Prokaryotic Organisms

Prokaryotic organisms include bacteria Bacteria Bacteria are prokaryotic single-celled microorganisms that are metabolically active and divide by binary fission. Some of these organisms play a significant role in the pathogenesis of diseases. Bacteriology: Overview and archea.

The cellular organization is unicellular.

Cellular characteristics

  • Size:
    • Small
    • 0.5–100 μm in diameter
  • Organization:
    • No true compartmentalization
    • Metabolic reactions occur freely in cytosol.
    • Ribosomes found free in cytosol
    • Lack cytoskeleton Cytoskeleton A cell's cytosol is the liquid inside the cell membrane that surrounds the organelles and cytoskeleton. The cytosol is a complex solution where many biochemical processes take place. The Cell: Cytosol and Cytoskeleton
    • Can have “inclusion bodies”: dense polymerized aggregates of proteins or nutrients
  • DNA DNA The molecule DNA is the repository of heritable genetic information. In humans, DNA is contained in 23 chromosome pairs within the nucleus. The molecule provides the basic template for replication of genetic information, RNA transcription, and protein biosynthesis to promote cellular function and survival. DNA Types and Structure:
    • Circular 
    • Organized and packaged with nucleoid-associated proteins (NAPs)                                         
    • Chromosomes are exclusively haploid (unpaired).
    • Single chromosome
    • May have additional extrachromosomal segments of DNA DNA The molecule DNA is the repository of heritable genetic information. In humans, DNA is contained in 23 chromosome pairs within the nucleus. The molecule provides the basic template for replication of genetic information, RNA transcription, and protein biosynthesis to promote cellular function and survival. DNA Types and Structure called plasmids
    • Found in the nucleoid (nonmembrane-bound area)
    • Transcription Transcription Transcription of genetic information is the first step in gene expression. Transcription is the process by which DNA is used as a template to make mRNA. This process is divided into 3 stages: initiation, elongation, and termination. Stages of Transcription and translation Translation Translation is the process of synthesizing a protein from a messenger RNA (mRNA) transcript. This process is divided into three primary stages: initiation, elongation, and termination. Translation is catalyzed by structures known as ribosomes, which are large complexes of proteins and ribosomal RNA (rRNA). Stages and Regulation of Translation both occur in the cytosol.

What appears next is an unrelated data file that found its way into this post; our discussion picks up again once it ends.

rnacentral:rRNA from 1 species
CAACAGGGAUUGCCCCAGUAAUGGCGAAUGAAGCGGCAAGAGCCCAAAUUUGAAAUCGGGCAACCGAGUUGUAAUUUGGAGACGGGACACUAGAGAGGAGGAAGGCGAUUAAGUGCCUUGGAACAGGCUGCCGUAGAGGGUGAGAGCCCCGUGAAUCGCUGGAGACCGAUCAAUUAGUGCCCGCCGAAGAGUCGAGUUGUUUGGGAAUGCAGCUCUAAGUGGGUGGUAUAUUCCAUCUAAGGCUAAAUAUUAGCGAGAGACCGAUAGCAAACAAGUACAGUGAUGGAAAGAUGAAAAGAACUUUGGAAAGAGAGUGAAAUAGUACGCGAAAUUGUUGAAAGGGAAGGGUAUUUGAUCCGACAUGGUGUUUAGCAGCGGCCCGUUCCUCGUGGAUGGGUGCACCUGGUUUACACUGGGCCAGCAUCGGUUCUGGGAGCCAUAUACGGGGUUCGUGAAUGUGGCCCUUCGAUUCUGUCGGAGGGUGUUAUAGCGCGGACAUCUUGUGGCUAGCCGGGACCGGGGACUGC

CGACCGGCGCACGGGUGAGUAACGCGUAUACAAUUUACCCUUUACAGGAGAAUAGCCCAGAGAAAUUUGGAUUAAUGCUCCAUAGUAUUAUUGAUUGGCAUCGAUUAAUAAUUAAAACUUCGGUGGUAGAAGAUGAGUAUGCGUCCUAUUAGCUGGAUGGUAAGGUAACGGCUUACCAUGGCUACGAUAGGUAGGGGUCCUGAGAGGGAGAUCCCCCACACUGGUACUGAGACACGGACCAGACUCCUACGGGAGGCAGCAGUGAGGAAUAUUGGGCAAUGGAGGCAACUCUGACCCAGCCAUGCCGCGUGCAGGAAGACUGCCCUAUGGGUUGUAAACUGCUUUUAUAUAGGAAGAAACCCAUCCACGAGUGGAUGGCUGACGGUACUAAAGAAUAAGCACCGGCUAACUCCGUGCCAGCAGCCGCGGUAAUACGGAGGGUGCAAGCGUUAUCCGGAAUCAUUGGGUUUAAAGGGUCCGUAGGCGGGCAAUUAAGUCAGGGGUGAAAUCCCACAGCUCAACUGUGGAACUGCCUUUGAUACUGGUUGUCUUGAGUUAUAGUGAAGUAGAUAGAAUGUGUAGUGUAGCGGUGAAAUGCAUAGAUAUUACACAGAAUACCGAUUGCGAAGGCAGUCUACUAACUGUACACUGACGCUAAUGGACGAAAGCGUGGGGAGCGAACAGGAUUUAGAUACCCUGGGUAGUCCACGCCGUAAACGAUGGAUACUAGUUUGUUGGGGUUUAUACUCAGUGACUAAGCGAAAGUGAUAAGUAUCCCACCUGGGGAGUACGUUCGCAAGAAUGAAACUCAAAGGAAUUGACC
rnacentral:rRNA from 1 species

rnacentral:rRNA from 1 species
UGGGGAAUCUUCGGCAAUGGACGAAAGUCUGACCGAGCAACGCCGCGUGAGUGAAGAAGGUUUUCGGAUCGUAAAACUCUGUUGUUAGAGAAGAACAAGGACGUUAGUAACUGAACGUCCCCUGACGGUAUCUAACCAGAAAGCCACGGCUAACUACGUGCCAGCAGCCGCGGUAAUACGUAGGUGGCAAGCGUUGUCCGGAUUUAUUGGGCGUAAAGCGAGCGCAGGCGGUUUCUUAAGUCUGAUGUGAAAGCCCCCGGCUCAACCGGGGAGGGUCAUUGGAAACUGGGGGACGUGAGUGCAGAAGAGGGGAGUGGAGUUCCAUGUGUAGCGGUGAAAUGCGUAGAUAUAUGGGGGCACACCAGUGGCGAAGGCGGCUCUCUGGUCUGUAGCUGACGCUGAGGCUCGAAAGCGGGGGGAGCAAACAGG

• Cell membrane: lipid bilayer 
  • Cell wall:
    • Found in almost all cells
    • Often composed of peptidoglycan
  • Motility: rigid spiral flagella
  • Cell division: binary fission
  • Transport of matter across cell membrane Cell Membrane A cell membrane (also known as the plasma membrane or plasmalemma) is a biological membrane that separates the cell contents from the outside environment. A cell membrane is composed of a phospholipid bilayer and proteins that function to protect cellular DNA and mediate the exchange of ions and molecules. The Cell: Cell Membrane: simple and facilitated diffusion
Structure of bacteria

Structure of a prokaryotic cell

Image: “Average prokaryote cell” by Mariana Ruiz Villarreal. License: Public Domain
Eukaryotes vs prokaryotes

Eukaryote and prokaryote cell comparison

Image: “The cells of eukaryotes (left) and prokaryotes (right)” by Science Primer. License: Public Domain

Clinical Relevance

  • Bacteria: prokaryotic single-celled microorganisms that are metabolically active and divide by binary fission. Some of these organisms play a significant role in the pathogenesis of diseases. Management of bacterial disease generally involves antibiotics; however, antibiotic choice may vary depending on the bacterial structure and metabolism.
  • Fungi: these organisms belong to the eukaryote domain and, like plants, have cell walls and vacuoles, exhibit cytoplasmic streaming, and are immobile. Almost all fungi Fungi Fungi belong to the eukaryote domain and, like plants, have cell walls and vacuoles, exhibit cytoplasmic streaming, and are immobile. Almost all fungi, however, have cell walls composed of chitin and not cellulose. Fungi do not carry out photosynthesis but obtain their substrates for metabolism as saprophytes (obtain their food from dead matter). Mycosis is an infection caused by fungi. Mycology: Overview, however, have cell walls composed of chitin, not cellulose. Fungi do not carry out photosynthesis but obtain their substrates for metabolism as saprophytes (i.e., they obtain their food from dead matter). An infection caused by a fungus is called a mycosis Mycosis Fungi belong to the eukaryote domain and, like plants, have cell walls and vacuoles, exhibit cytoplasmic streaming, and are immobile. Mycosis is an infection caused by fungi. Mycology: Overview.

References

  1. Lodish H, Berk A, Zipursky SL, et al. (2000). Molecular Cell Biology. 4th edition. New York: W. H. Freeman. Section 1.3, The Architecture of Cells. https://www.ncbi.nlm.nih.gov/books/NBK21665/
  2. Vellai T, Vida G. (1999). The origin of eukaryotes: the difference between prokaryotic and eukaryotic cells. Proc Biol Sci. 266(1428):1571-7. doi: 10.1098/rspb.1999.0817

Learn even more with Lecturio:

Complement your med school studies with Lecturio’s all-in-one study companion, delivered with evidence-based learning strategies.

Study on the Go

Lecturio Medical complements your studies with evidence-based learning strategies, video lectures, quiz questions, and more – all combined in one easy-to-use resource.

¡Hola!

Esta página está disponible en Español.

🍪 Lecturio is using cookies to improve your user experience. By continuing use of our service you agree upon our Data Privacy Statement.

Details